The popular legend associated with this tomb is that Hook's wife informed him she would be the first to dance on his grave when he died, so he built it with a rounded top and a sharp spire to prevent her from doing so. It's unclear what happened to the spire shown in one of the photos, but as seen in one of the other images, there used to be a small boat on a little platform affixed to the rounded top, intended to take him away in the event of a flood. (It's unclear whether he meant while he was alive or postmortem.) There was, in fact, a flood in 1913, which destroyed the nearby brick church and road, and it actually carried the boat away, never to be found.

Hook, who had become a river pilot at the age of 10, had tried to take preventive measures against flooding, as he didn't want to have water run over his burial spot. There is a marking of the 1898 flood water level on the front of his tomb, right in the middle. Above the line is a coffin-shaped entrance, currently covered by his grave marker, with the thought being that, when he died, his body could be entered into the tomb right above the waterline. (See the historical photo attached to the record for an image of the tomb as it was first built, prior to Hook's death, where the entrance is uncovered and the otherwise-unchanged stone grave marker has no death date.) His wish did not come true, however, and his tomb was submerged in the 1913 flood, although it survived.

Historical photos are from the Cincinnati & Hamilton County Library's Genealogy & Local History Department.

Accessibility notes:

Following the 1913 flood, the road had to be moved to the other side of the cemetery, away from the Muskingum River. This places the graveyard far back from the main road, at the end of a lane running between a corn field and a wooded area. The historical marker sits parallel to the highway and blends in with the surrounding tree trunks, making it, the cemetery, and the church difficult to see, especially when going the speed limit headed south from McConnelsville. If you reach Stockport, you've gone too far south, as it's about two miles north from that city.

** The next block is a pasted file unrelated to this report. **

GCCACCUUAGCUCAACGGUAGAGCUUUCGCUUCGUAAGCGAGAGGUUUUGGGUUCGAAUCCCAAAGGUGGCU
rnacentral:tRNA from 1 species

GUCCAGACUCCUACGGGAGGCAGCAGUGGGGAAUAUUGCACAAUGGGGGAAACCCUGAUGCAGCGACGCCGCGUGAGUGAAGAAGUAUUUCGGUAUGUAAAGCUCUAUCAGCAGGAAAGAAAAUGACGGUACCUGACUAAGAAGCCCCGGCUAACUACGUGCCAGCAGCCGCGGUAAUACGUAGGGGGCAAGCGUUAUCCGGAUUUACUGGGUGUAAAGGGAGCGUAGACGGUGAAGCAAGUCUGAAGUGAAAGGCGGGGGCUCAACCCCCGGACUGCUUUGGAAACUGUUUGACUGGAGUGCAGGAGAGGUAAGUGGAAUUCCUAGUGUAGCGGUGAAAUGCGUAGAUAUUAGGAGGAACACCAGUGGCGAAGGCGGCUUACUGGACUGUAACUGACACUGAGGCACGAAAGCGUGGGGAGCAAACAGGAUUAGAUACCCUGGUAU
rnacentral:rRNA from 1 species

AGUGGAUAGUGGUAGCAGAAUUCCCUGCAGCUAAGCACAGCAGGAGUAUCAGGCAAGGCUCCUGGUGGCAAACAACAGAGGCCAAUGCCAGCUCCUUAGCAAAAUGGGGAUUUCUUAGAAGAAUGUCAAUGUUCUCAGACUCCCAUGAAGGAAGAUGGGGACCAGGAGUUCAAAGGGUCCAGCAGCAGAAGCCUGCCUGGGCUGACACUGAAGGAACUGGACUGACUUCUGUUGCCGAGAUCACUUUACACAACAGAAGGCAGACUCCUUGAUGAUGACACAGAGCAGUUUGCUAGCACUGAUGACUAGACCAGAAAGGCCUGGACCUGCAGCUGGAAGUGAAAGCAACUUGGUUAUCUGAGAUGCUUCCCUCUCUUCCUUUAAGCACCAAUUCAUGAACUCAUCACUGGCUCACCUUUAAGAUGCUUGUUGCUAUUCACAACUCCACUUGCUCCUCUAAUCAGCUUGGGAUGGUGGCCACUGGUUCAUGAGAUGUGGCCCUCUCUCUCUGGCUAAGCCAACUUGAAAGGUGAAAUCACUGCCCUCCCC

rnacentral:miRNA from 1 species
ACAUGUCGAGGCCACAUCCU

It's recommended that cars be parked at the second historical marker in front of the graveyard entrance gate, and visitors can then walk back to the highly-visible tomb and church. There is no clear path, and the ground has a tendency to get muddy, as it's steps away from the Muskingum River. Most maps and sites list the location as the [Old] Brick Church Cemetery.

Date

circa 1900

Subject

Source

Background information from local historian:
https://www.ohiomagazine.com/ohio-life/article/captain-hook-s-tomb-stockport
Incredibly helpful resource, particularly with accessing the location:
https://www.hmdb.org/m.asp?m=123328
https://remarkableohio.org/index.php?/category/1144

Contributor

Identifier

1904

Location City

Location County

Location Site

Location Street

Across from 1888 OH-376

Location Type

Media Sculpture Height

9 feet

Creation Date

circa 1900

Materials

Inscription

"Isaac Newton Hook. [two anchor and chains images] Born 1819 - Died 1906. I love my posterity[.] It is the only everlasting life due me. I doubt the truth of inspiration to man by or from any supreme power. - I am opposed to the amalgamation abolition congress that passed the 15[th] Amendment bill to the Constitution of the United States after the majority had voted no. There is no beginning of man, time, nor space, so there is no end."

Additional Resources

1950 photo courtesy of Cincinnati & Hamilton County Library's Genealogy & Local History Department:
https://digital.cincinnatilibrary.org/digital/collection/p16998coll28/id/14078/
1900 photo courtesy of Cincinnati & Hamilton County Library's Genealogy & Local History Department:
https://digital.cincinnatilibrary.org/digital/collection/p16998coll28/id/20037
1900 photo courtesy of Cincinnati & Hamilton County Library's Genealogy & Local History Department:
https://digital.cincinnatilibrary.org/digital/collection/p16998coll28/id/20038
1905 Article about Hook and his tomb:
https://ohiomemory.org/digital/collection/p16007coll69/id/70
Towards the end, under Hooksburg, which Hook founded:
https://ohioghosttowns.org/morgan-county/